"Conservatives and liberals fight like cats and dogs and disagree on almost everything," writes Quirk, "but, oddly, agree the Court should have the authoritative role the unwritten constitution provides for. They just disagree on who should control the Court."
Why do conservatives and liberals agree that the court should decide such issues? Because both "share an abiding fear and distrust of American majority culture."
Does he not have a point? Today, we read that George W. Bush and his advisers are terrified of having gay marriage become an issue in 2004, as they will have to oppose such marriages as immoral, in order to secure their political base, while the Big Media lashes them as bigots.
The Bushites are delighted to have questions of race, religion and morality settled by courts. For when courts decide, politicians can throw up their hands and say, "We may not like it, but there is nothing we can do. The court has the final say."
But, as Quirk argues, the court does not, in the true Constitution, have the final say. As Jefferson refused to enforce the Alien and Sedition Acts, President Bush could refuse to take down the Ten Commandments from that Alabama court house, should the Supreme Court order him to do so.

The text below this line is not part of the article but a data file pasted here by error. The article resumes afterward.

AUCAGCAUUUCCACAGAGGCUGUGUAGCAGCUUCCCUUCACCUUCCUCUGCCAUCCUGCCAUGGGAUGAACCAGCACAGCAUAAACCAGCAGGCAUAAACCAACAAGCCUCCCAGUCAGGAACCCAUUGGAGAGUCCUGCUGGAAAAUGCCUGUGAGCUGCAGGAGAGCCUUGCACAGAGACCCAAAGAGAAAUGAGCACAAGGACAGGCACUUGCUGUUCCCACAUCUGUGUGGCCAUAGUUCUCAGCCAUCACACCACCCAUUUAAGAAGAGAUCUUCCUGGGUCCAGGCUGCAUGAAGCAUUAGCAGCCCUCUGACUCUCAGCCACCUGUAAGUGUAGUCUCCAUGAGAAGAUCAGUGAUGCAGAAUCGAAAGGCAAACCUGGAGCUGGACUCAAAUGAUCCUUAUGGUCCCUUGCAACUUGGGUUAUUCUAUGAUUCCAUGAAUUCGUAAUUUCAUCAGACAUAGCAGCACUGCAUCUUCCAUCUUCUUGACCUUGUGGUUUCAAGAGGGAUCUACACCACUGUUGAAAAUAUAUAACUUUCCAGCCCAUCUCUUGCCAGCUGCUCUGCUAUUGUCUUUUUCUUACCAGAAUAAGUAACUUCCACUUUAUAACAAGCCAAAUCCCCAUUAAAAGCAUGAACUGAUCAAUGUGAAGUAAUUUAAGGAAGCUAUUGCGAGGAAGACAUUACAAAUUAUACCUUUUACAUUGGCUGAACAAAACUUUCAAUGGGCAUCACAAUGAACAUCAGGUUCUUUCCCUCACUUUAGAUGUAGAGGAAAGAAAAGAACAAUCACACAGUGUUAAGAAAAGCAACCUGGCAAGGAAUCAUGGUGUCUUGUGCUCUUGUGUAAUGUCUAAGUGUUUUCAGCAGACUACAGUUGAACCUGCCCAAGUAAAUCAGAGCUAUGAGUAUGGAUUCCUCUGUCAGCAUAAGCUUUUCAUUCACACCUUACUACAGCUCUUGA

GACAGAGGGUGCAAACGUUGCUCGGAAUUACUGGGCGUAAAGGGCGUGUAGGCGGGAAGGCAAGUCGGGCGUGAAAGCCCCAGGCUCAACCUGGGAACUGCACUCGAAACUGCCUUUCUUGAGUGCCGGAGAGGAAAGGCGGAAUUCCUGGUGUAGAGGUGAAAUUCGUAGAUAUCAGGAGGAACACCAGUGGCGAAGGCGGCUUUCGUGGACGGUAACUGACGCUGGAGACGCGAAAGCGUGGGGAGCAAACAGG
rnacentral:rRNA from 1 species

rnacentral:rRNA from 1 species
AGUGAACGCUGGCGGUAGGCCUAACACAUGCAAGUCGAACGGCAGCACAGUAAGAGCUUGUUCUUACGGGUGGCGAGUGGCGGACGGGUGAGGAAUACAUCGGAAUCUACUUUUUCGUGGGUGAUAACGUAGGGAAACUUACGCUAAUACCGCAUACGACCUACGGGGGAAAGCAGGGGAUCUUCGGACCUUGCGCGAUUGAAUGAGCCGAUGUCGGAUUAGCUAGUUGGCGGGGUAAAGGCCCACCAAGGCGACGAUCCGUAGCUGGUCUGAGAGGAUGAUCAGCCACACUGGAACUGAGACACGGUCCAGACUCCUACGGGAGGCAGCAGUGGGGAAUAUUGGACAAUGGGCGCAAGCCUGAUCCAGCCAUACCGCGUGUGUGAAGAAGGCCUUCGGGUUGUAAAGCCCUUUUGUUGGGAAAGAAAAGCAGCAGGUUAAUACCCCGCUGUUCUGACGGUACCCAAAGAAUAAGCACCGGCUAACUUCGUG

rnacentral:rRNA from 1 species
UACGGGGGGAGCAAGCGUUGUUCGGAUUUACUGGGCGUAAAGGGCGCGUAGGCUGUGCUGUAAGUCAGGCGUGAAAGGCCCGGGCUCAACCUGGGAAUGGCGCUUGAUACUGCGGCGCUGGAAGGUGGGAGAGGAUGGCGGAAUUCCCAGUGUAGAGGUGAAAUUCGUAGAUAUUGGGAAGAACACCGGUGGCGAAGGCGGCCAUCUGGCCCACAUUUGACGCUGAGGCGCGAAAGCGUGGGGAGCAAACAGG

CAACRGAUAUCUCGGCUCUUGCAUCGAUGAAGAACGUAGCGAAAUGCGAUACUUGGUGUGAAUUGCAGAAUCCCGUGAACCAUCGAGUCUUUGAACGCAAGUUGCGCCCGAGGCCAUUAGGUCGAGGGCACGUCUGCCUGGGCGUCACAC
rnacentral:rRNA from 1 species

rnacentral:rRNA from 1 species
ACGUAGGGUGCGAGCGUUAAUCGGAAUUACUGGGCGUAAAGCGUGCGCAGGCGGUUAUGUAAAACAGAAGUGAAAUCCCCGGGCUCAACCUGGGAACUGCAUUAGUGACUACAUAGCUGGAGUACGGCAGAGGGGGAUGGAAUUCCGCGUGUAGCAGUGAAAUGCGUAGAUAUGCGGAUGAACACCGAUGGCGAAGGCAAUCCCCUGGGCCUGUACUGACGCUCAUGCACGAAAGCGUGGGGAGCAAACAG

In our written Constitution, the doctrine of judicial supremacy does not exist. Congress has the power to abolish all federal courts except the Supreme Court and to limit that court's jurisdiction to "cases affecting Ambassadors, other public Ministers, and Consuls, and those in which a State shall be a party."
"The Court has jurisdiction, in all other cases," writes Quirk, "only if Congress grants it."
Rather than going down the endless road of a constitutional amendment to protect marriage, as we failed to do, in protecting the flag, Congress should re-enact the Defense of Marriage Act, restricting marriage to men and women, and add this provision: "This law is not subject to review by the U.S. Supreme Court."
If Congress will not confront the Court, the people should confront the Congress. For our national sovereignty rests with the people, who took it away from King George and Parliament and lodged it in a written Constitution, not in this insiders deal by which we are ruled today.
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